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Tuesday, November 2, 2010

The Devil You Know....

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Quick Update before todays post: Yesterday I spoke of how gridlock in Washington would be problem for our economy in "To QE or Not To QE" and today appears an article entitled "Experts:Gridlock In Congress Will Threaten Economy". They raise some of the same points I did only a day later. FWIW

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In light of the election and the FED meeting and the obsessing and nonstop coverage over both in the media I thought I would take a break from writing about either issue for at least today. Instead I want to look at an investment that makes sense in the current environment.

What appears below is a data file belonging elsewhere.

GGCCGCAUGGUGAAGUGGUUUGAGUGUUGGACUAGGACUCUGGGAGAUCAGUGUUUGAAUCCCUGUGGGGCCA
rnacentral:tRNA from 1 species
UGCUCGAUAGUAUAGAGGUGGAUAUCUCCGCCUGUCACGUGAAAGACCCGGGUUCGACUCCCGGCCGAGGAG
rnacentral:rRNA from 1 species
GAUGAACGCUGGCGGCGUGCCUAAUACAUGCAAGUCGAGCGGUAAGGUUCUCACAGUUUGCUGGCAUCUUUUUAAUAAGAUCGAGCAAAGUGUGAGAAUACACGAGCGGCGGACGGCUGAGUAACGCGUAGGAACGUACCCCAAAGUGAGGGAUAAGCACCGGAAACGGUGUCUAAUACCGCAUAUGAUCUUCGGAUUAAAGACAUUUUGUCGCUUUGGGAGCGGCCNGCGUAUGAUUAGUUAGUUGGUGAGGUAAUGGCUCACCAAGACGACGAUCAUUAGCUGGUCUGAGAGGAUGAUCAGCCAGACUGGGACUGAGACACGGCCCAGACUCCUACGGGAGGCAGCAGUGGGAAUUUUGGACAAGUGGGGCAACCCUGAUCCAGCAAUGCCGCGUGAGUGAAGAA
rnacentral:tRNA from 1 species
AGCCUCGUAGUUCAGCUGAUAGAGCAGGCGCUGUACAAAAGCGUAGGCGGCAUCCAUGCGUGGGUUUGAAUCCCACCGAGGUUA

I am sure that there will be some people out there who will be uninterested in the recommendation I will be making in this post, but it is food for thought in the given environment. The company Philip Morris International (NYSE:PM) listed on the New York stock exchange is a spin off business from former parent Atria (NYSE:MO).  If you have a moral opposition to smoking I understand that and perhaps this recommendation is not for you dear reader, on the other hand if you are looking for yield and potential capital appreciation with a reasonably stable business even in a rough environment then this maybe for you.